The proverbial CD release party serves more than one purpose. Musicians release their baby into the world, roll out a new product, and with luck sell a few to start making back the money they've invested. They're also released from the pressure that comes with working on a big project.
Iota, the new disc from Absynth Quintet and their third studio album, was a long drawn-out affair. "We started recording a year and a half ago," said guitarist Ryan Roberts. "At this point we have enough material for another album, but when we finished recording it, it was basically our whole repertoire. It took awhile. We did six 12-hour days in the studio in Santa Cruz in October 2009, and we tracked most of the album, then we didn't go back until January 2010. It took all the way until April to get all of us down there [and not all at once]. It only took like 12 days to record it all, but those days were spread over an eight-month period. Then we had to find time to mix it. We finished that in November 2010. Then there was mastering, printing the covers and more. Everything took a long time."
They set up an online Kickstarter fundraising account somewhere along the line and pre-sold the then-unnamed record. (I bought one in advance.) That helped, but since they were "getting it done right," as Roberts put it, everything cost money. Pretty much all that the band was taking in was reinvested in the CD.
Why invest all that time and money into what seems to be a dying medium? "It was an artistic decision. Honestly, it was a horrible financial move; but for us, we wanted to make a real album in a real studio with a real engineer. We could have done it with a 58 and GarageBand in a bedroom, which is what we'll probably do from here on out. But we'd been a band for a long time and we had all this material that just needed to be recorded. Again, financially, I don't think it was a good idea -- I wouldn't suggest it to anyone else," he said with a laugh.
Roberts does see a positive side in this new no-business music biz model. "The Internet and the full meltdown of the business-end have totally democratized things, made it so musicians like us can make a record at home and people will hear it without too many filters. You're not fighting for shelf-space at Tower Records -- they're gone."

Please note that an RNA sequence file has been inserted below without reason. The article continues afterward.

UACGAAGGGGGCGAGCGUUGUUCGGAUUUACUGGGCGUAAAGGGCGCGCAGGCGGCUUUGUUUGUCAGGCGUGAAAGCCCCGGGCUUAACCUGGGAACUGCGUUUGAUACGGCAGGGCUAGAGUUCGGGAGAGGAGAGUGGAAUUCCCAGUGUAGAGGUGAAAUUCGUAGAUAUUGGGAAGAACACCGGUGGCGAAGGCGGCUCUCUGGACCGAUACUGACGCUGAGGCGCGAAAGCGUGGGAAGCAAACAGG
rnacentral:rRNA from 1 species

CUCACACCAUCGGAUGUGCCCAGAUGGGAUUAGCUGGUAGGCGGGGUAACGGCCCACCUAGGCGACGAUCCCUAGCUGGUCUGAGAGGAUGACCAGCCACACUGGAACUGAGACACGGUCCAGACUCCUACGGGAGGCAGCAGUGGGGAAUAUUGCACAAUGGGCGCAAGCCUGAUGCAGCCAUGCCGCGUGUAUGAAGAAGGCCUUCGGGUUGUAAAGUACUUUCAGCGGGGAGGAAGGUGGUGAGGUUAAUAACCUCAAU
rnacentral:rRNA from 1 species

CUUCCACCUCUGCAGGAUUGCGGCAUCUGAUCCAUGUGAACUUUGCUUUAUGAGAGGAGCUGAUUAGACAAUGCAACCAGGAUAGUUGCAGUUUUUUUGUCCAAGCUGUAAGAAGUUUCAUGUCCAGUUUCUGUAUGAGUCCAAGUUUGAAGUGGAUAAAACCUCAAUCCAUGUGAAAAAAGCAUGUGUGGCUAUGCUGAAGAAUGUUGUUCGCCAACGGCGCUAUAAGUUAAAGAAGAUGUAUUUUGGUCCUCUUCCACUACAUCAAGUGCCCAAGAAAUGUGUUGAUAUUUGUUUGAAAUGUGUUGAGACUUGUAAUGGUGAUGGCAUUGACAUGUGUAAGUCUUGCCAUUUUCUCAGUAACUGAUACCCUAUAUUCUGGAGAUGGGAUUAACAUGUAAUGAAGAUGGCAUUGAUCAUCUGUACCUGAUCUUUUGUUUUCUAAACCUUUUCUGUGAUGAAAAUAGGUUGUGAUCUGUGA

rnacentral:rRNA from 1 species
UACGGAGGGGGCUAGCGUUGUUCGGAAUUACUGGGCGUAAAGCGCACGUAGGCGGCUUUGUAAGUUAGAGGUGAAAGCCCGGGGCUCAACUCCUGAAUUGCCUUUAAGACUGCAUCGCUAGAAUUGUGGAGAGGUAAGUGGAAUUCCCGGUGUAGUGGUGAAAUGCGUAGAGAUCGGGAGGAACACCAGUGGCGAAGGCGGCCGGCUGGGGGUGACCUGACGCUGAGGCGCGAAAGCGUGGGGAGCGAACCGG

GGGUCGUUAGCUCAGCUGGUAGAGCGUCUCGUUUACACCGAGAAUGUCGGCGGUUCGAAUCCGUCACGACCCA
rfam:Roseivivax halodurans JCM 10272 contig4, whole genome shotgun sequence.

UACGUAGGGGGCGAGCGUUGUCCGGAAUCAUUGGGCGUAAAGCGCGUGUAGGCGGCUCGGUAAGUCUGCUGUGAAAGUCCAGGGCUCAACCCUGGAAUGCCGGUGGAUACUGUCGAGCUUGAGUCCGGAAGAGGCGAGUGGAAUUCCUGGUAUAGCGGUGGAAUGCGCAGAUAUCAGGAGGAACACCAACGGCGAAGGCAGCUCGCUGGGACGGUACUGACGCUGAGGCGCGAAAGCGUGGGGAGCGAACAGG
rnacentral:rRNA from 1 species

The motivation? "At the baseline you have to want to be an artist. That has to be the main driving thing, the thing that fulfills you. If you sat down and wrote a business plan around playing music in 2011, you'd scrap it and go get a day job."
So, on Saturday night, partially in conjunction with the Humboldt Arts Festival, Absynth Quintet celebrates sweet release from the task of making a record, from the bonds of the music biz, and so on by playing tunes from Iota (and some new ones) at the Jambalaya. People will sing along to songs they know. Metaphoric couches will be burned. The Beat Vixens burlesque troupe will add to the fun. CDs will be available on the merch table. Buy one.
You'll find a schedule elsewhere in this paper for the myriad acts planned for the Humboldt Arts Festival's multi-stage daytime/nighttime extravaganza Saturday and Sunday -- way too many to repeat here.
Grad weekend comes to a classy end with the Black and White Ball at the Arcata Theatre Lounge Sunday night. The big name on the bill is Soulive, a neo-old school jazz/funk organ trio with Eric Krasno on guitar, Neal Evans on keys and Neal's brother, Alan on drums. Formed a dozen years ago in New York, the trio hit the upper echelons of the genre, recorded for Blue Note, opened for the Stones, etc. before going more indie with their own label, Royal Family.